The day was hot and humid when three YouthBuild interns accompanied case worker Michael Springer on a research outing in a South Louisville neighborhood. The Louisville, Kentucky nonprofit had hired the young people to do an inventory of the health of the neighborhood’s trees. The data they gathered would give The Nature Conservancy valuable information for the Green Heart project, a first-of-its kind study into the potential human health benefits of urban greening.
Measuring Tree Health
Charlotte Brown, 18, uses a tablet to record the group’s findings in an app designed by the U.S. Forest Service and The Nature Conservancy. TNC trained the interns on tree identification and using the app before the research began. Twin sisters Alynda and Alicia Rhodes, 19, wrap a thin yellow tape measure around a huge oak tree and call out the diameter measurement for Brown to record. Brown also types the tree species into the app and then locates it on a satellite map so TNC will know the tree’s precise location. Then the group studies several of the tree’s attributes. On a scale from one to five, they record the tree’s dieback, or the bare limbs and twigs they see. This particular oak has very little dieback, so the group decides to give it a one.
“What about leaf discoloration?” Springer calls out. “What do we think?”
Walking around the tree, the group identifies only small portions of brown leaves and decides to give the tree a one in this measurement as well. They also measure defoliation, or the holes in the tree’s leaves; crown light exposure, or how much sunlight the tree is getting; crown health or vigor; and crown transparency, or how much sunlight they can see through the tree. Brown then takes a picture of the tree from the app and the group moves on.
The Green Heart Project
The Green Heart project is focused in six South Louisville neighborhoods. The project, led by TNC, the University of Louisville’s Envirome Institute and other partners, will plant as many as 8,000 trees and shrubs and then study the potential health benefits experienced by residents. YouthBuild, a community nonprofit that matches area youth with education and job training opportunities, partnered with the SummerWorks program to recruit young people who lived in the Green Heart neighborhoods to apply for the tree inventory positions. Six young people were chosen to spend six weeks on the inventory, going out each day and assessing neighborhood trees in the public right-of-way.
Springer is also a resident of the Green Heart neighborhoods. He says working in his own neighborhood gave the project special meaning.
“It’s impactful, the trees being in my neighborhood,” Springer says. “I came into this knowing nothing about trees. There’s so much knowledge that I’ve learned so far.”
Learning About Trees
Springer and the interns all agree that tree identification has been the most difficult part of the job. Their training by The Kentucky Division of Forestry and TNC included a booklet that they refer to often in the field. The group got stuck, for example, on a silver maple because it had five points like an oak tree.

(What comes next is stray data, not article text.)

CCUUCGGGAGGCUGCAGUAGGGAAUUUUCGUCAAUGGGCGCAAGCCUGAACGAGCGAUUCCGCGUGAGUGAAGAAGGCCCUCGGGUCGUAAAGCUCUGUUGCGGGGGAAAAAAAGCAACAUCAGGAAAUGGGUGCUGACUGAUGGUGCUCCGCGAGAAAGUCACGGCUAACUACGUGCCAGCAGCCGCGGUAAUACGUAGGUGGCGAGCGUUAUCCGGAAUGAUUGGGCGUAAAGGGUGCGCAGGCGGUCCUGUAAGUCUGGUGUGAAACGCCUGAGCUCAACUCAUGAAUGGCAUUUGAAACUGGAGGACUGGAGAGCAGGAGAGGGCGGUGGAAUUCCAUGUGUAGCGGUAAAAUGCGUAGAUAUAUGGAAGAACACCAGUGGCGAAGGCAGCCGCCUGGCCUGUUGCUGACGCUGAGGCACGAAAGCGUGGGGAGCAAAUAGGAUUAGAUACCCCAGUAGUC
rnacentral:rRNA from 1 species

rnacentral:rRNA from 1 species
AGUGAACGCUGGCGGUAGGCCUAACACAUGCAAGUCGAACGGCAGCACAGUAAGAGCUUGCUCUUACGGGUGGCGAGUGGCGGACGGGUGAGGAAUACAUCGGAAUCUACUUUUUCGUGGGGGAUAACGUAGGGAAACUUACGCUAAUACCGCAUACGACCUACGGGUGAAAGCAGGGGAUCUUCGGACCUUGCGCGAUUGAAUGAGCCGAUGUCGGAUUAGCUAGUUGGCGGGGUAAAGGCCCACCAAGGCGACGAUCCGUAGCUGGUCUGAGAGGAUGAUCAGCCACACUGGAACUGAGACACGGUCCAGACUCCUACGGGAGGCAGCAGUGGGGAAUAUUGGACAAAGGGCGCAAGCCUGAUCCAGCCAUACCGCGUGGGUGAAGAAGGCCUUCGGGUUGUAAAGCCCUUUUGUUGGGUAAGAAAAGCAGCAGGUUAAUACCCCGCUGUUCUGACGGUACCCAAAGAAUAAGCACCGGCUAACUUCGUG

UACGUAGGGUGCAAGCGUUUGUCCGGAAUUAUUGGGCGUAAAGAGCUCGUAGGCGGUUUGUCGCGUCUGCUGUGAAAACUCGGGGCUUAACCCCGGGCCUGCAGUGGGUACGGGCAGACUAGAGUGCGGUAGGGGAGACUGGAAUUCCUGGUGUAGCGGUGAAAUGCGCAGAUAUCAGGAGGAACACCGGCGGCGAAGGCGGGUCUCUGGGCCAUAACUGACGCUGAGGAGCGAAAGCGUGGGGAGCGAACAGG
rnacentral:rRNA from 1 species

“After a week or two of doing it, though,” Springer says, snapping his fingers, “you automatically know what’s an oak, what’s a maple. You’ve got to be able to see the leaves and feel the leaves to identify. Even the veins help you identify the tree species.”
Chris Chandler, TNC’s urban conservation project director in Kentucky, was part of the team that trained the group. “These young people are actually trained in the way foresters are trained,” he says. “They’re looking at fine twig dieback and examining bark and twigs for pests.”
For Alynda Rhodes, learning something new drew her to apply for the job.
“I was interested in doing this because I liked the fact that I could learn about something I wouldn’t have thought about,” she says. “I’m going to college this fall, so I thought this could expand my horizons.”
Alicia Rhodes says the most positive part of the project was learning about the trees. “It was great to see that trees really do have a big impact on our lives,” she says. “We need to keep them for the future.”
Using the Data
By the end of the project, the interns had gathered data on approximately 700 public trees in the project area. This data goes into a dashboard that TNC will use to better understand the health of trees in the Green Heart neighborhoods.
“TNC is using the data to manage the health of the existing forest resource,” says Chandler. “We can observe the health of the trees and identify if they are threatened. We’ll go out with an arborist and take a more careful look at the sick trees and prescribe treatment to help them get healthy.”
These treatments can be as simple as watering the tree, adding a mulch ring around the tree, or pruning. Chandler says maintaining these existing trees is important for the Green Heart project.
“These are the trees that are providing all of these benefits to us today,” he says. “Our newly planted Green Heart trees will take time to reach their full size. The biggest bang for our buck is maintaining current trees while planting for the future.”
The data is also being used by the U.S. Forest Service to understand urban tree health trends regionally and nationally. Teams in 12 cities are conducting the same type of research as the YouthBuild interns. Thanks to these efforts, the Forest Service now has a database of 80 to 90 thousand urban trees.
“This collaboration and the app we’ve developed with TNC are allowing us to get more eyes on trees in urban areas,” says Rich Hallett, a research ecologist for the Forest Service. “If we know how healthy our existing trees are, we can get help to trees that are showing early signs of stress. Engaging people in caring for trees in their neighborhoods is a critical step as we strive to create greener neighborhoods.”